“Computers are like Old Testament gods; lots of rules and no mercy.”
― Joseph Campbell, The Power of Myth
From my blog (I called it an “Online Journal” then), The Daily Epiphany, Monday, February 15, 1999. It is so weird to read about my reaction to technology from (only) twenty years ago.
Shit, what a long, tiring day. Oh, look at the top of the page, it’s a Monday. No wonder.
I sat the morning through a two hour Lotus Notes class, a professional trainer, twenty years younger than me explained in excruciating detail everything I already knew and displayed his ability to scrunch up his nose when I asked a question.
Meanwhile, the hourly folks in the class had a lot of trouble. I really felt sorry for them, the instructor would rattle off, “click here, go back, minimize.” He would always say click when he should have said double click. Not that the poor hourly guys can double click anyway. They are used to terminal emulators with tacked up dog-eared Xerox copies of lists of odd key combinations. They’ll be alright, they’ll get gooey eventually. Those tough callused hands trying to push a mouse around, that look of confusion; it’s a difficult world.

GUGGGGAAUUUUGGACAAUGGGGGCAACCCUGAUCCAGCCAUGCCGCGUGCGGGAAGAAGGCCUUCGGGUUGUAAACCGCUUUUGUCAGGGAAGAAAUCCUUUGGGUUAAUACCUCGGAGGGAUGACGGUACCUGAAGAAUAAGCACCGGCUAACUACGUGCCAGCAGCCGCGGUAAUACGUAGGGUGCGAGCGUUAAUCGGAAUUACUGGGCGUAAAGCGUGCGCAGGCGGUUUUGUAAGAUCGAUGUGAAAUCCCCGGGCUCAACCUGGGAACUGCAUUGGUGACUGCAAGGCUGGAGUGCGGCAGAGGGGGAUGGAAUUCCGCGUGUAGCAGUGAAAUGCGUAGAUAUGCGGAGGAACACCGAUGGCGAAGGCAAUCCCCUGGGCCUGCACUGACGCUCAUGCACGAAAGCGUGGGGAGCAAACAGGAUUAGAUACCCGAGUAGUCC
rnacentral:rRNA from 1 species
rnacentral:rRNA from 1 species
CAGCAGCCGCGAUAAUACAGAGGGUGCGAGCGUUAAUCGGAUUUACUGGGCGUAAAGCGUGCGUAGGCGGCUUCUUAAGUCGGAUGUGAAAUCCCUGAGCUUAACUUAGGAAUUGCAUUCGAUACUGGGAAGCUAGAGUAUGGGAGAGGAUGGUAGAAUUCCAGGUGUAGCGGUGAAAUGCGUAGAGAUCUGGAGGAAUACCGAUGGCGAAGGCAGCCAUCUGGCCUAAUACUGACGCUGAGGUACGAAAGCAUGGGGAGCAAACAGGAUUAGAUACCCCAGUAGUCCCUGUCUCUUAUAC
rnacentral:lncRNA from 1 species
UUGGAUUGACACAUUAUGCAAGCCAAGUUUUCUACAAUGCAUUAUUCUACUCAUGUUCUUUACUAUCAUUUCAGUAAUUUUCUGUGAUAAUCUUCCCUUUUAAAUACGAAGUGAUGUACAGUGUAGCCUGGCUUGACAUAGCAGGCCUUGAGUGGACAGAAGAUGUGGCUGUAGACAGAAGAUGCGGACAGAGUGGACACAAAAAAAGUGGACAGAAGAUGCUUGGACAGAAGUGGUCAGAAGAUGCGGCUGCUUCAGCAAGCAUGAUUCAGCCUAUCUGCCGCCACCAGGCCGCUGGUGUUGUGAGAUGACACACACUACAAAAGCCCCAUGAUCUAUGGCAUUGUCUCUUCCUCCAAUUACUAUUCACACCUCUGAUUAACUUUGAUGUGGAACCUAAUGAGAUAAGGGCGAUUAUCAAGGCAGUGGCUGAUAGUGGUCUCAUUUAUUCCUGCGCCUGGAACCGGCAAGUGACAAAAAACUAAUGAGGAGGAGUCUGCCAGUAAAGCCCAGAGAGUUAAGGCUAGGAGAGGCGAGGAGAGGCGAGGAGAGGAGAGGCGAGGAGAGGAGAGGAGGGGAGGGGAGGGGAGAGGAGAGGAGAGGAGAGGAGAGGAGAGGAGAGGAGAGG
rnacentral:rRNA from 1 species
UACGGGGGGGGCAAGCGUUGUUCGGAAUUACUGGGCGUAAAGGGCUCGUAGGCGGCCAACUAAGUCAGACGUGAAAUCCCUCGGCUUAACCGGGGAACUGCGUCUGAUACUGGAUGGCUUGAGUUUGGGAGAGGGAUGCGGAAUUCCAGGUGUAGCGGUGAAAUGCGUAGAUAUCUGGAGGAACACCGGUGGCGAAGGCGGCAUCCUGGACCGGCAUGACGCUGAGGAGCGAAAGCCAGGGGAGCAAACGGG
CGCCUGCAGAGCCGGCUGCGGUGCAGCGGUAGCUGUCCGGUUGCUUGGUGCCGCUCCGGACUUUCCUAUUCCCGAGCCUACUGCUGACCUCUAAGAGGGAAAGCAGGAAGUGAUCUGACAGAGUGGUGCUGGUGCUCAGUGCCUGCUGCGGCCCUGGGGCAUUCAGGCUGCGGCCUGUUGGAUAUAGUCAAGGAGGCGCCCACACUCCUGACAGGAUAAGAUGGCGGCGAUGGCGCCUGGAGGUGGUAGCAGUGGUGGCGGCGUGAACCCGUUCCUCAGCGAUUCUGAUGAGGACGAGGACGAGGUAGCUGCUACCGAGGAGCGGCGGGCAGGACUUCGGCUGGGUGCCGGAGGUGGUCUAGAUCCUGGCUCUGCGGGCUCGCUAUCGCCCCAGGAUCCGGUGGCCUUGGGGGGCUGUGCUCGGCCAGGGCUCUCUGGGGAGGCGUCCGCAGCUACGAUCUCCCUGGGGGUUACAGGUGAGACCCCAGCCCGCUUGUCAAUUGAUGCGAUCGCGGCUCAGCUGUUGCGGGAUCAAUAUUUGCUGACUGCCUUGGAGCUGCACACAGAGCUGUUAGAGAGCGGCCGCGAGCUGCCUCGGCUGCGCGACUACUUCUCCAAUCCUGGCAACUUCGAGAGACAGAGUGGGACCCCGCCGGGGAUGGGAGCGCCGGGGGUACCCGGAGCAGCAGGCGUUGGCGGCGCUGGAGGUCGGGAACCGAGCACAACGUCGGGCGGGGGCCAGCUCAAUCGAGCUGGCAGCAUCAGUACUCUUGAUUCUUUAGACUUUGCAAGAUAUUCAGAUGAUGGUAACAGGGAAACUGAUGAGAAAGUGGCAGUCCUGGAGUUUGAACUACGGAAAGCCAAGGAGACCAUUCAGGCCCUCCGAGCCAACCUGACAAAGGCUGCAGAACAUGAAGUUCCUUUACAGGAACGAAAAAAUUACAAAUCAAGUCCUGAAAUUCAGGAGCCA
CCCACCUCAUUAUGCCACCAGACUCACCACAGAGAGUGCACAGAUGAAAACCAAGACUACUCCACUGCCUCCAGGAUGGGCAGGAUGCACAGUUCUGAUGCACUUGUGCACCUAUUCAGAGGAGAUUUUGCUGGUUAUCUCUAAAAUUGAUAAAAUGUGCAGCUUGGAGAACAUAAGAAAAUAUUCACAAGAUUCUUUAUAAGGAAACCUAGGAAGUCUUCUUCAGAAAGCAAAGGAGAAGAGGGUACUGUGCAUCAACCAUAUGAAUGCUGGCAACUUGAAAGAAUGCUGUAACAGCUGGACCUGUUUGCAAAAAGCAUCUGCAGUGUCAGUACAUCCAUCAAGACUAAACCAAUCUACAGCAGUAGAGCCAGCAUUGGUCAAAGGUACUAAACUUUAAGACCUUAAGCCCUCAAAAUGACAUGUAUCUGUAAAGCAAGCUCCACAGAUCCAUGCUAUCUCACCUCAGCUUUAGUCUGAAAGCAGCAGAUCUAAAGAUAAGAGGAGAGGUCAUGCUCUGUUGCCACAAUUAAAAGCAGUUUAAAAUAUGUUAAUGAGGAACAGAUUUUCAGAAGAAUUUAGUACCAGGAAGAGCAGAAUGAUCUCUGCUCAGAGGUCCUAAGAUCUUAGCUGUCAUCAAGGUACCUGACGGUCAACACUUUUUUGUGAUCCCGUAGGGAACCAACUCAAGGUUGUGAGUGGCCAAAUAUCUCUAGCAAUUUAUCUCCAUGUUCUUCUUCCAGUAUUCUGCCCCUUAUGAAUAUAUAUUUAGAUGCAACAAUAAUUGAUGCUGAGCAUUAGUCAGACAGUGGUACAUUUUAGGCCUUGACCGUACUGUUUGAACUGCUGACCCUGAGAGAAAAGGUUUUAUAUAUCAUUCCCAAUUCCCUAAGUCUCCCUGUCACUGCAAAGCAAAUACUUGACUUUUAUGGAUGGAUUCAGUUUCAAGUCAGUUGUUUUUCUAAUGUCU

I spent most of the class leaning slightly forward with my eyes closed rubbing the corners of my lids.
The rest of the workday was meetings. More lid-rubbing.
I didn’t really do anything, did I? I sure was exhausted when I came home. My head was splitting, my right ear isn’t working again, I should have gone to a cycling class, but I booted. I should have played with the kids, worked on the garage, written some stuff, read some chapters, but I didn’t.
All I managed to do was flounder around horizontally, watching some sports on TV.
And rubbing the corners of my eyelids ’til the headache finally went away.
And a piece of flash fiction for today:
This Is How You Fail To Ghost Him, by Victoria McCurdy